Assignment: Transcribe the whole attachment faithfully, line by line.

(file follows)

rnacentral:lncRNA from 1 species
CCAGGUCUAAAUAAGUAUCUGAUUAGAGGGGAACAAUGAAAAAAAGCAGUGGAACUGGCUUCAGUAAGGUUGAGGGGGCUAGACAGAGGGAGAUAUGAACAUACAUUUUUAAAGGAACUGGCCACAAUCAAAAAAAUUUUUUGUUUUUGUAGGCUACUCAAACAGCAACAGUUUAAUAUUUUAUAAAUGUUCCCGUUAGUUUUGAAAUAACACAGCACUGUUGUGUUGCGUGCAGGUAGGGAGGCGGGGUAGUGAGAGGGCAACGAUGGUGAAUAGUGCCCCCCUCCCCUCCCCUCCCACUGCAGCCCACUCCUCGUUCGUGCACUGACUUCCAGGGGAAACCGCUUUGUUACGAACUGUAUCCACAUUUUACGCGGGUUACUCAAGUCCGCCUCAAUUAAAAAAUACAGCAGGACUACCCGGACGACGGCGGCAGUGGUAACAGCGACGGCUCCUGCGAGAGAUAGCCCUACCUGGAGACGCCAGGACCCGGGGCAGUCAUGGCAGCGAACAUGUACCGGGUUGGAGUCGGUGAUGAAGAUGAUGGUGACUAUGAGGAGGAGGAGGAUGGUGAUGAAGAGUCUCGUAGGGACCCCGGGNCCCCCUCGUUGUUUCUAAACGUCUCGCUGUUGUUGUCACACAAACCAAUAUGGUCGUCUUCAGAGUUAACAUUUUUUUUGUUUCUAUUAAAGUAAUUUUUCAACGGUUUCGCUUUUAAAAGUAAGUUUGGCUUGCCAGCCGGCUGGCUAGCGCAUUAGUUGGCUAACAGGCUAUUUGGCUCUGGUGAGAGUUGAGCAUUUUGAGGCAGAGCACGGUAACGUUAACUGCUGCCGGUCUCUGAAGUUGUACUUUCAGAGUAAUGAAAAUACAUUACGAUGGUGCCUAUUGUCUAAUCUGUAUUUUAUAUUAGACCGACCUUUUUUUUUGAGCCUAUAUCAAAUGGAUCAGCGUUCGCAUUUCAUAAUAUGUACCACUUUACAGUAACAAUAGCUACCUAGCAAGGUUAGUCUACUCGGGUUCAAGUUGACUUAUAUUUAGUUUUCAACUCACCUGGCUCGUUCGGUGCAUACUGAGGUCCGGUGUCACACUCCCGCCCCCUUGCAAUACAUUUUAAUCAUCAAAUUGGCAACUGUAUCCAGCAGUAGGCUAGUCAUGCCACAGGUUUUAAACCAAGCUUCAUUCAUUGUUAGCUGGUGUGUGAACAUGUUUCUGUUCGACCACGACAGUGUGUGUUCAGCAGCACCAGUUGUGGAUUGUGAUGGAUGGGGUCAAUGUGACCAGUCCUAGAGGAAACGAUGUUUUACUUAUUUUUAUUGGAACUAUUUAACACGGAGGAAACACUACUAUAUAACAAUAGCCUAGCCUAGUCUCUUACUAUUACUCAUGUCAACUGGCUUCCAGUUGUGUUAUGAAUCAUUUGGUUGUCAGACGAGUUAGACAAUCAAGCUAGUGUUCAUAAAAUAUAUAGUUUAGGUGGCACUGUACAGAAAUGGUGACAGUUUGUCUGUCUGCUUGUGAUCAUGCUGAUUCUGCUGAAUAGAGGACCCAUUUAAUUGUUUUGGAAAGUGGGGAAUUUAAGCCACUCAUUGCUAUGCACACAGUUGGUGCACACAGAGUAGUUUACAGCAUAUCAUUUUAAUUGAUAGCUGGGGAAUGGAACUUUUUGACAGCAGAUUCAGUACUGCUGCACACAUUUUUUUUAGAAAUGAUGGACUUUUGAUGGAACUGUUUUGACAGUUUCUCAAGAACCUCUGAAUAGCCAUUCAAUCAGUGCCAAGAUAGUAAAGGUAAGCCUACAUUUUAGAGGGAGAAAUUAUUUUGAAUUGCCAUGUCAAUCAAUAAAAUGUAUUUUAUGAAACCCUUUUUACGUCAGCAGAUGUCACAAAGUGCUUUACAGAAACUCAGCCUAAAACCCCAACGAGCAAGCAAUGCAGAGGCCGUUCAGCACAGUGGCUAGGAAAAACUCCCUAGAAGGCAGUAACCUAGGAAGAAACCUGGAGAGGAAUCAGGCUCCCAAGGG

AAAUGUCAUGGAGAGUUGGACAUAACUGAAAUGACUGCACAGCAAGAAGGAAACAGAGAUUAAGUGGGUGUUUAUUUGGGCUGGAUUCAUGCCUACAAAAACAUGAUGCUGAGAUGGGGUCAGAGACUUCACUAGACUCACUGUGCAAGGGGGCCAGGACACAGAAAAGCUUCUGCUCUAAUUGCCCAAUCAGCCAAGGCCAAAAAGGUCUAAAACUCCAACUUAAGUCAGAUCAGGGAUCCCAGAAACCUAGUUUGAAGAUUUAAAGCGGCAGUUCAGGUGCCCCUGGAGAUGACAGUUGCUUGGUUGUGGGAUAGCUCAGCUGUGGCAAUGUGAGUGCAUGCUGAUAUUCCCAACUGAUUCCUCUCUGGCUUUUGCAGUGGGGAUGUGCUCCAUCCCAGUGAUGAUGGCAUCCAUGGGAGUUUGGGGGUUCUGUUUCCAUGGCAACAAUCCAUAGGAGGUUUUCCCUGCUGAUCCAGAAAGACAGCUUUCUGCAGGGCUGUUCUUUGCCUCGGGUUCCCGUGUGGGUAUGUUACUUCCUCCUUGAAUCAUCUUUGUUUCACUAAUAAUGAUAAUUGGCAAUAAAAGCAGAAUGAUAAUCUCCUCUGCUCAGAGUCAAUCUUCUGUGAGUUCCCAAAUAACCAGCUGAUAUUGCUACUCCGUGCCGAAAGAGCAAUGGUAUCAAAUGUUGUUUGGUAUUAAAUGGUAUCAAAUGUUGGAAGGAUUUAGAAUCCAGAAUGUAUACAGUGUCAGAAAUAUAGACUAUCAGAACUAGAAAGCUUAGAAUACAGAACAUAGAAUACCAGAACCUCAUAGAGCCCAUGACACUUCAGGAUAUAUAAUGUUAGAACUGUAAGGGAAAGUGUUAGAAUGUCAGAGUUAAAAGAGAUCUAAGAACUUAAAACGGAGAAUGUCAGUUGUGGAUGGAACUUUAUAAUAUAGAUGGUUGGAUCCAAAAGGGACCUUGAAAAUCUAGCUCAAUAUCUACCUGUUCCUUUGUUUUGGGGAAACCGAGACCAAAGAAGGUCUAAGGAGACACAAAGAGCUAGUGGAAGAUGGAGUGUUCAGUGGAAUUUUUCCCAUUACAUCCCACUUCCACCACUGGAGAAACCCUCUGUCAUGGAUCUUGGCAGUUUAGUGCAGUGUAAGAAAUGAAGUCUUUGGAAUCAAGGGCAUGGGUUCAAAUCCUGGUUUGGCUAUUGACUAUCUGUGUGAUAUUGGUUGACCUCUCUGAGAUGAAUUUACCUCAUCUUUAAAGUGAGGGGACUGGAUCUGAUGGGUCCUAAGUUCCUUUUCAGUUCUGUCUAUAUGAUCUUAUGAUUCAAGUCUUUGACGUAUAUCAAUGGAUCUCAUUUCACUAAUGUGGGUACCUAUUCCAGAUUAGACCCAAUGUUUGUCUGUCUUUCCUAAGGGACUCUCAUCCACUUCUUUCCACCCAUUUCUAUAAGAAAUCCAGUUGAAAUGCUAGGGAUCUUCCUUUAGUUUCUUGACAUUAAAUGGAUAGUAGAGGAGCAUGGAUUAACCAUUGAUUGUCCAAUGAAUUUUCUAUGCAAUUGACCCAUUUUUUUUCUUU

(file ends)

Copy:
rnacentral:lncRNA from 1 species
CCAGGUCUAAAUAAGUAUCUGAUUAGAGGGGAACAAUGAAAAAAAGCAGUGGAACUGGCUUCAGUAAGGUUGAGGGGGCUAGACAGAGGGAGAUAUGAACAUACAUUUUUAAAGGAACUGGCCACAAUCAAAAAAAUUUUUUGUUUUUGUAGGCUACUCAAACAGCAACAGUUUAAUAUUUUAUAAAUGUUCCCGUUAGUUUUGAAAUAACACAGCACUGUUGUGUUGCGUGCAGGUAGGGAGGCGGGGUAGUGAGAGGGCAACGAUGGUGAAUAGUGCCCCCCUCCCCUCCCCUCCCACUGCAGCCCACUCCUCGUUCGUGCACUGACUUCCAGGGGAAACCGCUUUGUUACGAACUGUAUCCACAUUUUACGCGGGUUACUCAAGUCCGCCUCAAUUAAAAAAUACAGCAGGACUACCCGGACGACGGCGGCAGUGGUAACAGCGACGGCUCCUGCGAGAGAUAGCCCUACCUGGAGACGCCAGGACCCGGGGCAGUCAUGGCAGCGAACAUGUACCGGGUUGGAGUCGGUGAUGAAGAUGAUGGUGACUAUGAGGAGGAGGAGGAUGGUGAUGAAGAGUCUCGUAGGGACCCCGGGNCCCCCUCGUUGUUUCUAAACGUCUCGCUGUUGUUGUCACACAAACCAAUAUGGUCGUCUUCAGAGUUAACAUUUUUUUUGUUUCUAUUAAAGUAAUUUUUCAACGGUUUCGCUUUUAAAAGUAAGUUUGGCUUGCCAGCCGGCUGGCUAGCGCAUUAGUUGGCUAACAGGCUAUUUGGCUCUGGUGAGAGUUGAGCAUUUUGAGGCAGAGCACGGUAACGUUAACUGCUGCCGGUCUCUGAAGUUGUACUUUCAGAGUAAUGAAAAUACAUUACGAUGGUGCCUAUUGUCUAAUCUGUAUUUUAUAUUAGACCGACCUUUUUUUUUGAGCCUAUAUCAAAUGGAUCAGCGUUCGCAUUUCAUAAUAUGUACCACUUUACAGUAACAAUAGCUACCUAGCAAGGUUAGUCUACUCGGGUUCAAGUUGACUUAUAUUUAGUUUUCAACUCACCUGGCUCGUUCGGUGCAUACUGAGGUCCGGUGUCACACUCCCGCCCCCUUGCAAUACAUUUUAAUCAUCAAAUUGGCAACUGUAUCCAGCAGUAGGCUAGUCAUGCCACAGGUUUUAAACCAAGCUUCAUUCAUUGUUAGCUGGUGUGUGAACAUGUUUCUGUUCGACCACGACAGUGUGUGUUCAGCAGCACCAGUUGUGGAUUGUGAUGGAUGGGGUCAAUGUGACCAGUCCUAGAGGAAACGAUGUUUUACUUAUUUUUAUUGGAACUAUUUAACACGGAGGAAACACUACUAUAUAACAAUAGCCUAGCCUAGUCUCUUACUAUUACUCAUGUCAACUGGCUUCCAGUUGUGUUAUGAAUCAUUUGGUUGUCAGACGAGUUAGACAAUCAAGCUAGUGUUCAUAAAAUAUAUAGUUUAGGUGGCACUGUACAGAAAUGGUGACAGUUUGUCUGUCUGCUUGUGAUCAUGCUGAUUCUGCUGAAUAGAGGACCCAUUUAAUUGUUUUGGAAAGUGGGGAAUUUAAGCCACUCAUUGCUAUGCACACAGUUGGUGCACACAGAGUAGUUUACAGCAUAUCAUUUUAAUUGAUAGCUGGGGAAUGGAACUUUUUGACAGCAGAUUCAGUACUGCUGCACACAUUUUUUUUAGAAAUGAUGGACUUUUGAUGGAACUGUUUUGACAGUUUCUCAAGAACCUCUGAAUAGCCAUUCAAUCAGUGCCAAGAUAGUAAAGGUAAGCCUACAUUUUAGAGGGAGAAAUUAUUUUGAAUUGCCAUGUCAAUCAAUAAAAUGUAUUUUAUGAAACCCUUUUUACGUCAGCAGAUGUCACAAAGUGCUUUACAGAAACUCAGCCUAAAACCCCAACGAGCAAGCAAUGCAGAGGCCGUUCAGCACAGUGGCUAGGAAAAACUCCCUAGAAGGCAGUAACCUAGGAAGAAACCUGGAGAGGAAUCAGGCUCCCAAGGG

AAAUGUCAUGGAGAGUUGGACAUAACUGAAAUGACUGCACAGCAAGAAGGAAACAGAGAUUAAGUGGGUGUUUAUUUGGGCUGGAUUCAUGCCUACAAAAACAUGAUGCUGAGAUGGGGUCAGAGACUUCACUAGACUCACUGUGCAAGGGGGCCAGGACACAGAAAAGCUUCUGCUCUAAUUGCCCAAUCAGCCAAGGCCAAAAAGGUCUAAAACUCCAACUUAAGUCAGAUCAGGGAUCCCAGAAACCUAGUUUGAAGAUUUAAAGCGGCAGUUCAGGUGCCCCUGGAGAUGACAGUUGCUUGGUUGUGGGAUAGCUCAGCUGUGGCAAUGUGAGUGCAUGCUGAUAUUCCCAACUGAUUCCUCUCUGGCUUUUGCAGUGGGGAUGUGCUCCAUCCCAGUGAUGAUGGCAUCCAUGGGAGUUUGGGGGUUCUGUUUCCAUGGCAACAAUCCAUAGGAGGUUUUCCCUGCUGAUCCAGAAAGACAGCUUUCUGCAGGGCUGUUCUUUGCCUCGGGUUCCCGUGUGGGUAUGUUACUUCCUCCUUGAAUCAUCUUUGUUUCACUAAUAAUGAUAAUUGGCAAUAAAAGCAGAAUGAUAAUCUCCUCUGCUCAGAGUCAAUCUUCUGUGAGUUCCCAAAUAACCAGCUGAUAUUGCUACUCCGUGCCGAAAGAGCAAUGGUAUCAAAUGUUGUUUGGUAUUAAAUGGUAUCAAAUGUUGGAAGGAUUUAGAAUCCAGAAUGUAUACAGUGUCAGAAAUAUAGACUAUCAGAACUAGAAAGCUUAGAAUACAGAACAUAGAAUACCAGAACCUCAUAGAGCCCAUGACACUUCAGGAUAUAUAAUGUUAGAACUGUAAGGGAAAGUGUUAGAAUGUCAGAGUUAAAAGAGAUCUAAGAACUUAAAACGGAGAAUGUCAGUUGUGGAUGGAACUUUAUAAUAUAGAUGGUUGGAUCCAAAAGGGACCUUGAAAAUCUAGCUCAAUAUCUACCUGUUCCUUUGUUUUGGGGAAACCGAGACCAAAGAAGGUCUAAGGAGACACAAAGAGCUAGUGGAAGAUGGAGUGUUCAGUGGAAUUUUUCCCAUUACAUCCCACUUCCACCACUGGAGAAACCCUCUGUCAUGGAUCUUGGCAGUUUAGUGCAGUGUAAGAAAUGAAGUCUUUGGAAUCAAGGGCAUGGGUUCAAAUCCUGGUUUGGCUAUUGACUAUCUGUGUGAUAUUGGUUGACCUCUCUGAGAUGAAUUUACCUCAUCUUUAAAGUGAGGGGACUGGAUCUGAUGGGUCCUAAGUUCCUUUUCAGUUCUGUCUAUAUGAUCUUAUGAUUCAAGUCUUUGACGUAUAUCAAUGGAUCUCAUUUCACUAAUGUGGGUACCUAUUCCAGAUUAGACCCAAUGUUUGUCUGUCUUUCCUAAGGGACUCUCAUCCACUUCUUUCCACCCAUUUCUAUAAGAAAUCCAGUUGAAAUGCUAGGGAUCUUCCUUUAGUUUCUUGACAUUAAAUGGAUAGUAGAGGAGCAUGGAUUAACCAUUGAUUGUCCAAUGAAUUUUCUAUGCAAUUGACCCAUUUUUUUUCUUU